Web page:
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May 25, 2020

Vice President U Henry Van Thio inspects development, road works in Chin State

Vice President U Henry Van Thio inspects the site chosen for construction of Bwenu Bridge at the border of India and Myanmar. Photo: Myanmar News Agency
Vice President U Henry Van Thio inspects the site chosen for construction of Bwenu Bridge at the border of India and Myanmar. Photo: Myanmar News Agency

Vice President U Henry Van Thio inspected the progress of infrastructure projects, including those for regional development and road transport, in Chin State yesterday.
First, the Vice President inspected the construction of a building for Midwifery Training School in Haka, Chin State.
Accompanying the Vice President were Chin State Chief Minister U Salai Lian Luai and Director-General Dr. Thar Htun Kyaw, who briefed him about the progress of the project to him. Next, the Vice President visited the site for a cyclone shelter. Deputy ministers U Kyaw Lin and U Soe Aung explained the construction process to U Henry Van Thio. The cyclone shelter also functions as a multipurpose hall and measures 170 feet by 150 feet. The Vice President inspected the expansion sites for Haka College and Haka Technological University and spoke about how to apply for the annual national budget. The Vice President and his entourage then travelled to Htantalan Township and were welcomed with traditional dances performances by local residents.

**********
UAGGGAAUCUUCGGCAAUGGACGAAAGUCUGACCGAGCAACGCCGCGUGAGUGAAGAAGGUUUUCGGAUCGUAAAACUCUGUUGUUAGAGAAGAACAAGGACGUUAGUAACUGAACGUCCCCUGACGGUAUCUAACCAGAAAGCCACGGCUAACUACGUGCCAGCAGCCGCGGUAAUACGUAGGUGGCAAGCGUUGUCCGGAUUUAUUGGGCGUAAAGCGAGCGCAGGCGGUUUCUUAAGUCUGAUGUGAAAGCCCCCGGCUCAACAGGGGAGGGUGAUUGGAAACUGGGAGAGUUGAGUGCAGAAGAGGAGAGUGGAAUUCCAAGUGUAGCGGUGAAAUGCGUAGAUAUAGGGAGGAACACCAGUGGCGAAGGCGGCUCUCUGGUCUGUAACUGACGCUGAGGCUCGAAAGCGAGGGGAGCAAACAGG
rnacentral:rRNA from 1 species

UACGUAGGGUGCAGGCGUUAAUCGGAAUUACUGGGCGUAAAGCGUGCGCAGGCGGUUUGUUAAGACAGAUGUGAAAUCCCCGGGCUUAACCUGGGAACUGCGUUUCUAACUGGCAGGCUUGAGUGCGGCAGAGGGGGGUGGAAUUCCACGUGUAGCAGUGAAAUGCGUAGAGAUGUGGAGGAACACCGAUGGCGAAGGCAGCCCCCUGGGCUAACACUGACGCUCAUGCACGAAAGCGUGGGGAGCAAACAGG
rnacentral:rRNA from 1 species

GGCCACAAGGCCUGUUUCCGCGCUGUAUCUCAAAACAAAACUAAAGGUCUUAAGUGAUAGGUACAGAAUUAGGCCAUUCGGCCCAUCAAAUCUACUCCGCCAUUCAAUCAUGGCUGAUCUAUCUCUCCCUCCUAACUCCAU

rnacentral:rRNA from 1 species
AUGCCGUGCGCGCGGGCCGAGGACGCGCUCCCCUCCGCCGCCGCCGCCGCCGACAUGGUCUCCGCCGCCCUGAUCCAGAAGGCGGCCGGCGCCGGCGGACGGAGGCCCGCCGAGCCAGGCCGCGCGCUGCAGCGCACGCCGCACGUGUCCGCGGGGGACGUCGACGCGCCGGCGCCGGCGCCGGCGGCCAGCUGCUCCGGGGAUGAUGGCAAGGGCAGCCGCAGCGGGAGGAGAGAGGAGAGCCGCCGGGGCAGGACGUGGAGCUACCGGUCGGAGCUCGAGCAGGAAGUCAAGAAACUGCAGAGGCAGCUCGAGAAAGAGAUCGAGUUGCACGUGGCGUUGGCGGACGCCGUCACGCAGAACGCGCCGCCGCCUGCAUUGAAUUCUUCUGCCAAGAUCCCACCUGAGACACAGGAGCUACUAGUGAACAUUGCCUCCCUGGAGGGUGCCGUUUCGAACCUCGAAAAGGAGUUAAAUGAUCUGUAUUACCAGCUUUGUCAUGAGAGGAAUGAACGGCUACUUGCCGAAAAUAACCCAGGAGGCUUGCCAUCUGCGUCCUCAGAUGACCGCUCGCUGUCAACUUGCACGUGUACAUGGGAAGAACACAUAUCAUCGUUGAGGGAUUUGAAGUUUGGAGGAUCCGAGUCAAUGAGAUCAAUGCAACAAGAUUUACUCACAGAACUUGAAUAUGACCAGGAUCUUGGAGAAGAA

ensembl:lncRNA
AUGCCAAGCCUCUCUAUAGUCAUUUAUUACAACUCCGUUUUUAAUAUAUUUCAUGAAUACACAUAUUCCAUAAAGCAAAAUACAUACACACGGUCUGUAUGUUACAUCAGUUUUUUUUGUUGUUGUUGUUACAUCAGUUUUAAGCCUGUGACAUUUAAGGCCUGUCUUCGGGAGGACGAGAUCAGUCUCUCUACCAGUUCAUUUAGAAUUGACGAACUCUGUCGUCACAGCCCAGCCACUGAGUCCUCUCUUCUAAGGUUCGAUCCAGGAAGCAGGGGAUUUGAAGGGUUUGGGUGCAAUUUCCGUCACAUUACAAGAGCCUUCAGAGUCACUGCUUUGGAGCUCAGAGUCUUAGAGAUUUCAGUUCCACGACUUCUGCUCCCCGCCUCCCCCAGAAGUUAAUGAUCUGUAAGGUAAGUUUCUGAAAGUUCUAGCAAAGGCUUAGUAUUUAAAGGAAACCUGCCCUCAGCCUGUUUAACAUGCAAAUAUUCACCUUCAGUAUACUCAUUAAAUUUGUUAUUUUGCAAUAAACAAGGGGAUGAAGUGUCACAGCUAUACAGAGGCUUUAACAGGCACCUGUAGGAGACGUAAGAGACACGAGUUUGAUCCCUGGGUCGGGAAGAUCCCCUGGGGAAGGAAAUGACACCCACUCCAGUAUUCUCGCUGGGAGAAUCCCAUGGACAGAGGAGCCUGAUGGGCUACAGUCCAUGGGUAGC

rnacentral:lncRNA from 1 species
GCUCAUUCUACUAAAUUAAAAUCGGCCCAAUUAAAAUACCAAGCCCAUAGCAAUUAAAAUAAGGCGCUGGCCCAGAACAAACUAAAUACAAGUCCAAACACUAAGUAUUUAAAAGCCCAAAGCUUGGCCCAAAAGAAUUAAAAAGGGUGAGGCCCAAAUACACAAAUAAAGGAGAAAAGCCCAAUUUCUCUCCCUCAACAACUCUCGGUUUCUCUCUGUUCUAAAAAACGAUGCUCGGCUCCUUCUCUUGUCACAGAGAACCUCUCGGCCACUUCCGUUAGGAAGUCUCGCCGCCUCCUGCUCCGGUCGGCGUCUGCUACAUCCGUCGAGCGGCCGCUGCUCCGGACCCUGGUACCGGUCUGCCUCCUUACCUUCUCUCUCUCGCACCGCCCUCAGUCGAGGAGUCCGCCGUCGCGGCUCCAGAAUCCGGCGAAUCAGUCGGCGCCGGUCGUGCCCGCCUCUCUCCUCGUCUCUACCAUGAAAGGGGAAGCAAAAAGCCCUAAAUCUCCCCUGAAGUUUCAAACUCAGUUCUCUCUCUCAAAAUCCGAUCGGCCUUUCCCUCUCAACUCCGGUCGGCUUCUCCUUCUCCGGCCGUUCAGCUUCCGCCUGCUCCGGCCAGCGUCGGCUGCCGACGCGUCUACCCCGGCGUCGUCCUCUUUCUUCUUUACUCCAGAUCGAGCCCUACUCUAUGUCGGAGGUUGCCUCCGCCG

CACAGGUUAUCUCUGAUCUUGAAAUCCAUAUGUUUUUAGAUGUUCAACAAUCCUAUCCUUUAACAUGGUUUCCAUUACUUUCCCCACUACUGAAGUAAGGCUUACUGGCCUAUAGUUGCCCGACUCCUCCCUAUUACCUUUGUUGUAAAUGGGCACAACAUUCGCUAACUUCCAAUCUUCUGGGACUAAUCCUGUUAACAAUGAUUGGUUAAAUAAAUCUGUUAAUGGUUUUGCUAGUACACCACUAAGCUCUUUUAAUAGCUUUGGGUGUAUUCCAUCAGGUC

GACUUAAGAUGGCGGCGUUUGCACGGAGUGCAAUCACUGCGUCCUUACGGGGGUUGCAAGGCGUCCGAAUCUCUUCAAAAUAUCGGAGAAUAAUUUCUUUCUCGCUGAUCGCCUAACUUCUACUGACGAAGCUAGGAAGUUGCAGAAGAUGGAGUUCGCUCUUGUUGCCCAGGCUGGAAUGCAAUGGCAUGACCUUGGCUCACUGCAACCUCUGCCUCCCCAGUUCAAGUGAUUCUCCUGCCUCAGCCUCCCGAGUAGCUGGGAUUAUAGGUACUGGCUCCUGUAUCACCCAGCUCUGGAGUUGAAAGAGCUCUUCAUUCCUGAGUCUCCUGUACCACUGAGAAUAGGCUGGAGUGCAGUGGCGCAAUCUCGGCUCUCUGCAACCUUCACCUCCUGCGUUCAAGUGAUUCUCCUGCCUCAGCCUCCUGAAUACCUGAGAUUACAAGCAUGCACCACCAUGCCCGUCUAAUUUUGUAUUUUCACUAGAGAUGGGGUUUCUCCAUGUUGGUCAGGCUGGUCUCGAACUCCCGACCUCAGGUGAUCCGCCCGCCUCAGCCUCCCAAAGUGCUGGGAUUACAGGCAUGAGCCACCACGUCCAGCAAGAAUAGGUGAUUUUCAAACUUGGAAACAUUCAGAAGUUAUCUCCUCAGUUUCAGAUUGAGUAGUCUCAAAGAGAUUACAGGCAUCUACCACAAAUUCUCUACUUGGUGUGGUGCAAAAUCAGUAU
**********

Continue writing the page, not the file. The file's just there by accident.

The Vice President then inspected the Haka-Sarsi-Chauk highway, which is under construction, and along with his entourage talked to local residents of Htar O Village Htantalan Township.
They then inspected the Bwenu Bridge, which is being constructed near the India-Myanmar border. U Henry Van Thio also inspected the reclamation of more than 10 acres for highland cultivation, some 73 acres for a garden in Thikih Village and another 60 acres in Zarbwekwin Village in Htantalan Township.
The Ministry of Agriculture, Livestock and Irrigation has a plan to reclaim more than 550 acres in the township and so far, more than 370 acres have been reclaimed. They were then entertained with traditional dance performances by local residents. —Myanmar News Agency

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